By February 1939, his marriage to Pauline was essentially over. He had an affair with Martha Gellhorn since 1937. Hemingway moved to Havana and began For whom the bell tolls. On December 24, 1939, Ernest and Martha moved to La Finca Vigia, a house with property outside of Havana. There, he finished For whom the bell tolls, which was released to ecstatic reviews on October 21, 1940. Four days later Paramount Pictures offered Hemingway $100,000 for the film rights. In early November 1940, Pauline’s divorce suit against Ernest on the grounds of desertion was granted. He married Martha Gellhorn a few weeks later.

During World War II, Hemingway suffered with the beginning of severe depression and had a long block in his writing ability. Except for writing an introduction of Men at war (1942) he wrote nothing until 1944. In April 1944 he began work as a war correspondent for Collier’s, displacing Martha. By late May 1944 Hemingway’s marriage to Martha was basically over and he met Mary Welsh Monks, soon to be his fourth wife.

Between June and December 1944, Hemingway deliberately put himself in dangerous positions. He went aboard a landing craft on D-Day, June 6. He twice flew on Royal Air Force missions intercepting German rockets and led a group of French irregulars and unattached GIs towards the liberation of Paris and the Ritz Bar. Two of his essays were published in Collier’s.

In 1945 Hemingway returned to New York and Cuba. Mary joined him in May. In September he sued Martha for divorce on the grounds of desertion. In November the sale of two of his stories for movie rights brought him $112,000.

Hemingway married Mary Welsh Monks in Havana in March 1946. In 1947, he was diagnosed with high blood pressure. From that time forward, Hemingway fought hypertension, diabetes, depression, paranoia, and perhaps hemochromatosis. He also began work on a trilogy, Islands, Garden of Eden, and (A) Moveable feast.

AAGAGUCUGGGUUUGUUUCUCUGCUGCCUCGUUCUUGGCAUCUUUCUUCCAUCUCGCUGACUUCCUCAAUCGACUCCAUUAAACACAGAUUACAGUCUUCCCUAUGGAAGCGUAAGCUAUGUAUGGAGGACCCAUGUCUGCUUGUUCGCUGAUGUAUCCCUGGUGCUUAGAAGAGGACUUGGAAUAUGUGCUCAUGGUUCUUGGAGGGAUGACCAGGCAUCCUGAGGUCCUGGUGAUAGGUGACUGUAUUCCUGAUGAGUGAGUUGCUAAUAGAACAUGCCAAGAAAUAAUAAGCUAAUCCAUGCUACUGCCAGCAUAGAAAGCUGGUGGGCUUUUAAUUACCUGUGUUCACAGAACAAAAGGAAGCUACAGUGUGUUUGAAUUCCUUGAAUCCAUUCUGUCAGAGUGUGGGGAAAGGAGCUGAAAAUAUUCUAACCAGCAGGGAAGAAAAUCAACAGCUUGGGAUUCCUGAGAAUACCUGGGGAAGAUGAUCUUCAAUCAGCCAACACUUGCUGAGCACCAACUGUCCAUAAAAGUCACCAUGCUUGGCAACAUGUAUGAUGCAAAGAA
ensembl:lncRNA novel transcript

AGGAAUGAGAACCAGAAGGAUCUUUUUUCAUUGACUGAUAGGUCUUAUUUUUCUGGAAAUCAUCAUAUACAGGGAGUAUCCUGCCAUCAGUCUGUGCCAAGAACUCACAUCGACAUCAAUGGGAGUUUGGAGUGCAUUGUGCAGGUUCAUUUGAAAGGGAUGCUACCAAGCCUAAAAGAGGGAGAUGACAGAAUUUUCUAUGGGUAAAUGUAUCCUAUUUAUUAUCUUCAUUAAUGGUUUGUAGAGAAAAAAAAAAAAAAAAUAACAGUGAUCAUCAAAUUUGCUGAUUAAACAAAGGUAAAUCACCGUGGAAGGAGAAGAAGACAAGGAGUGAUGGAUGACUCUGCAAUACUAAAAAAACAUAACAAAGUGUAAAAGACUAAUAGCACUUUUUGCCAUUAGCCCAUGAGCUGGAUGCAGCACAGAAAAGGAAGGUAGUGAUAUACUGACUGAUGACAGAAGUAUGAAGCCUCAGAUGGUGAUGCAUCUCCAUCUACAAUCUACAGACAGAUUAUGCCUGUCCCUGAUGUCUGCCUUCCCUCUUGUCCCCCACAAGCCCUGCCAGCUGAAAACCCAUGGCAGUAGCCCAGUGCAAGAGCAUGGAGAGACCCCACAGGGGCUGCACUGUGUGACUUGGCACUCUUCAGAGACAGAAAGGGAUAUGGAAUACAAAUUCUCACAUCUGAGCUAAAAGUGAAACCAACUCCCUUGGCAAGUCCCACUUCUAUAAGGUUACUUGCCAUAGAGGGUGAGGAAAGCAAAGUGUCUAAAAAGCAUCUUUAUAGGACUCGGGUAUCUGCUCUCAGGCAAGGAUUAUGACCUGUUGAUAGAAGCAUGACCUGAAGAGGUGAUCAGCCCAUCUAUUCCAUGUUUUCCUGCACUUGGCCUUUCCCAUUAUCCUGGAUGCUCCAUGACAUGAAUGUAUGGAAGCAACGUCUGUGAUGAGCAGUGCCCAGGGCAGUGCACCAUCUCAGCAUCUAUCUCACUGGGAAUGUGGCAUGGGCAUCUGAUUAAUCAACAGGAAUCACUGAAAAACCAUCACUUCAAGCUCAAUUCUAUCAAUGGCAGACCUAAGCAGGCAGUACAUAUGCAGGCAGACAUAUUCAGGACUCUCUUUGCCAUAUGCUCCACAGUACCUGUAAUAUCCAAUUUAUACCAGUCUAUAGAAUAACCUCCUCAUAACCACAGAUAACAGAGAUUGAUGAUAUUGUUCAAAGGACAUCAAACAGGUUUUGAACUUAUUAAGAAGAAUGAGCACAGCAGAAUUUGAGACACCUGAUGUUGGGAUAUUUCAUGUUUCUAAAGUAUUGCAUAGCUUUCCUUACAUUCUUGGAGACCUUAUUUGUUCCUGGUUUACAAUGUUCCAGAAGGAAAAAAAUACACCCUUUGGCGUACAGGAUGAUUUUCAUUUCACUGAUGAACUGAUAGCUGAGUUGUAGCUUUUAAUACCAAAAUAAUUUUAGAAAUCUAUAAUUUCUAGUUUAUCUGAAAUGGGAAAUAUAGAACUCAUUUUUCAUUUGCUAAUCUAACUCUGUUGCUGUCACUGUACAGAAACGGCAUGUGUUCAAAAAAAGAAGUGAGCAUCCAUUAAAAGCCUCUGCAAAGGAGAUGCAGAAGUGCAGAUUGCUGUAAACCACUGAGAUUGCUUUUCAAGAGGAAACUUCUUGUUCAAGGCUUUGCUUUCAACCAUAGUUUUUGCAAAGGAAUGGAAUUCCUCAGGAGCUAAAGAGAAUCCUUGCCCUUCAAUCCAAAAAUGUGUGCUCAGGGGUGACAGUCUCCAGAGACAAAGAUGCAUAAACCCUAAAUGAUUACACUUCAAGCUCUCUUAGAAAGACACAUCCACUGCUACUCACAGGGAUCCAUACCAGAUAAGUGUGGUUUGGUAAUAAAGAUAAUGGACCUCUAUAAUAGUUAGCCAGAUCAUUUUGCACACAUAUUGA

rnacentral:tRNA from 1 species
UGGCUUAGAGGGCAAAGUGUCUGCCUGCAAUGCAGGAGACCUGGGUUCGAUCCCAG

From September 1948 through April 1949, the Hemingways lived in northern Italy. There, he became infatuated with an eighteen-year-old beauty, Adriana Ivancich. Mary tolerated it. In late April the Hemingways returned to Cuba. He wrote Across the river and into the trees (1950), about a dying American colonel and a teenage Venetian beauty. It received overwhelmingly negative reviews. By late 1950 Ivancich and her mother were visiting Finca. Mary wanted out of the marriage, but stayed in it.

In 1951 Hemingway complete the first draft of (The) Old man and the sea and the Islands manuscript.

Grace Hall-Hemingway died in June 1951 and Pauline Hemingway in October 1951. The combination of these deaths was difficult for Hemingway to handle.

Life paid him $40,000 for serial rights and sold five million copies of its September 1, 1952 issue containing (The) Old man and the sea. Scribners sold out 40,000 first run copies of the novella. In April 1953, a film crew arrived in Havana to film the epic. In May, Hemingway was awarded the Pulitzer Prize for fiction for the book.

In June, Ernest and Mary left Havana for Europe and Africa. After surviving a nearly fatal plane crash, the Hemingways recuperated in Venice. In June 1954, they returned to Havana. In October, Hemingway learned that he had been awarded the Nobel Prize for Literature, but due to ill health, he could not travel to Stockholm.

From 1955 to 1961 Hemingway suffered increasing bad health, and paranoia-ridden depression. He wrote steadily on his trilogy. In January 1959, the Batista government fell to the Castro revolution. The Hemingways, on vacation in the U.S., bought a house in Ketchum, Idaho, from which he could watch the revolution on television.

In 1959, Ernest returned to Spain to cover the bullfights. His mood shifts frightened his wife and bewildered his friends. His health worsened. In November 1960 Hemingway entered Mayo Clinic to be treated for hypertension, an enlarged liver, paranoia, and severe depression. He received shock treatments. By late April 1961 Hemingway had twice attempted suicide.

On July 2, 1961 he blew his head off. Hemingway was survived by his wife, two of his ex-wives, and his three sons. (This information is from American National Biography Online).